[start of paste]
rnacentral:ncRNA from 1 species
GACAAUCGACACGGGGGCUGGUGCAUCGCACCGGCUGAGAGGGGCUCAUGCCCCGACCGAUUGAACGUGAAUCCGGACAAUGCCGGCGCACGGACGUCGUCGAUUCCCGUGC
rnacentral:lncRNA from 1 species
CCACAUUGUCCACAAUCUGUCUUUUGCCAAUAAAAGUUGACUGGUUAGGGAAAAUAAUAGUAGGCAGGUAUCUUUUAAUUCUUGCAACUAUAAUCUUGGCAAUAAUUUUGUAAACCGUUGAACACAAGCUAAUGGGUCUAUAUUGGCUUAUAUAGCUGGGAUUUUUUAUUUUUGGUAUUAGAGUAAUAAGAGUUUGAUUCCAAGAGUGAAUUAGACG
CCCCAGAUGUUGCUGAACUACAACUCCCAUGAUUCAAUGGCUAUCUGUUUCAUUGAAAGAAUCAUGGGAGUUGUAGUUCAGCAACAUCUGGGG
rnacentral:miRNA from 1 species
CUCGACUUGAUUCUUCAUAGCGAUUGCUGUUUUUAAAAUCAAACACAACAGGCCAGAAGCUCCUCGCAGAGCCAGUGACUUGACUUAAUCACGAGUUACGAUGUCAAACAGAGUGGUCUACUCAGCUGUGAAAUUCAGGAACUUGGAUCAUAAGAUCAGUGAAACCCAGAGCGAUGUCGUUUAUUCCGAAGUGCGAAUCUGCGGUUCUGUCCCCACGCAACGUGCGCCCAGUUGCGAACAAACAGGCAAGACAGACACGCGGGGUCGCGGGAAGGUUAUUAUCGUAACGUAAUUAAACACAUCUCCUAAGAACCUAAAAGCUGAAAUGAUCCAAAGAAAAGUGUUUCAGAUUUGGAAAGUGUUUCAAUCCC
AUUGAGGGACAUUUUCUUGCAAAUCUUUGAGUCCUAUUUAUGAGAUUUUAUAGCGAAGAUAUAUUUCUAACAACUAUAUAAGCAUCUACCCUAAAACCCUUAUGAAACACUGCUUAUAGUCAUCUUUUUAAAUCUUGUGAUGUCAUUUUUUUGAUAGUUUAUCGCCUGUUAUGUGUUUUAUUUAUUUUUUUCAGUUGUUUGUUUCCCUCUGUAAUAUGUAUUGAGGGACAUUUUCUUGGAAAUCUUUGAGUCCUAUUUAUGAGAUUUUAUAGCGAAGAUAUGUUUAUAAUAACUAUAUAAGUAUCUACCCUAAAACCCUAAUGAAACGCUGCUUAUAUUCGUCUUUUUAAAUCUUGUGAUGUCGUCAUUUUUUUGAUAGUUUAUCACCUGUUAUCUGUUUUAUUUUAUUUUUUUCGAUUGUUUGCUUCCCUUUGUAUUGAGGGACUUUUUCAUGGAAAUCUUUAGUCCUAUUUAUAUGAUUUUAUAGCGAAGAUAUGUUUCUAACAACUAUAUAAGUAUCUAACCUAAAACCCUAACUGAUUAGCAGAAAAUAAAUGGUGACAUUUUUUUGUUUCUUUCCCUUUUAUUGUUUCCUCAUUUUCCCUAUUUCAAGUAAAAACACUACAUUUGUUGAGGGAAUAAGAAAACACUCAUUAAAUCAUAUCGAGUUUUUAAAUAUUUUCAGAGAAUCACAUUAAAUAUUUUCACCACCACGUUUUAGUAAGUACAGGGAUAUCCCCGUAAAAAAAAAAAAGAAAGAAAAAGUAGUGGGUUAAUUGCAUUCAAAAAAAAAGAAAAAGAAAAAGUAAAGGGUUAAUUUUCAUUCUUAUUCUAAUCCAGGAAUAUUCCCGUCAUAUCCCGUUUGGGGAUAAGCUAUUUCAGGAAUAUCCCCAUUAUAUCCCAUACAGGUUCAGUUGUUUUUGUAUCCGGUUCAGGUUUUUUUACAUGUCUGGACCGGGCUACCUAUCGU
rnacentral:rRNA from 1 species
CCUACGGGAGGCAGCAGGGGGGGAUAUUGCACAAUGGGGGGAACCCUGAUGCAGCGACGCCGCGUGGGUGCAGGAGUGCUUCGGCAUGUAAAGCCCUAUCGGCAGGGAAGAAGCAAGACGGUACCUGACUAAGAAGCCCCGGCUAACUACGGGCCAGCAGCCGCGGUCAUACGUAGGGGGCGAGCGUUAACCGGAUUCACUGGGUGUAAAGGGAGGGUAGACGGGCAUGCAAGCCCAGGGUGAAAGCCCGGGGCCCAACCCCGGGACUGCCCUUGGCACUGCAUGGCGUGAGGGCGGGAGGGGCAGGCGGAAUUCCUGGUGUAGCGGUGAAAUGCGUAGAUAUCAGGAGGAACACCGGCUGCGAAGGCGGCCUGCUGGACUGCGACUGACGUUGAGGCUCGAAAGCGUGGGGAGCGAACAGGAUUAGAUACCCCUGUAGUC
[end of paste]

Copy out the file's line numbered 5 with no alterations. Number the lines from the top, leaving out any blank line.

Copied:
CCCCAGAUGUUGCUGAACUACAACUCCCAUGAUUCAAUGGCUAUCUGUUUCAUUGAAAGAAUCAUGGGAGUUGUAGUUCAGCAACAUCUGGGG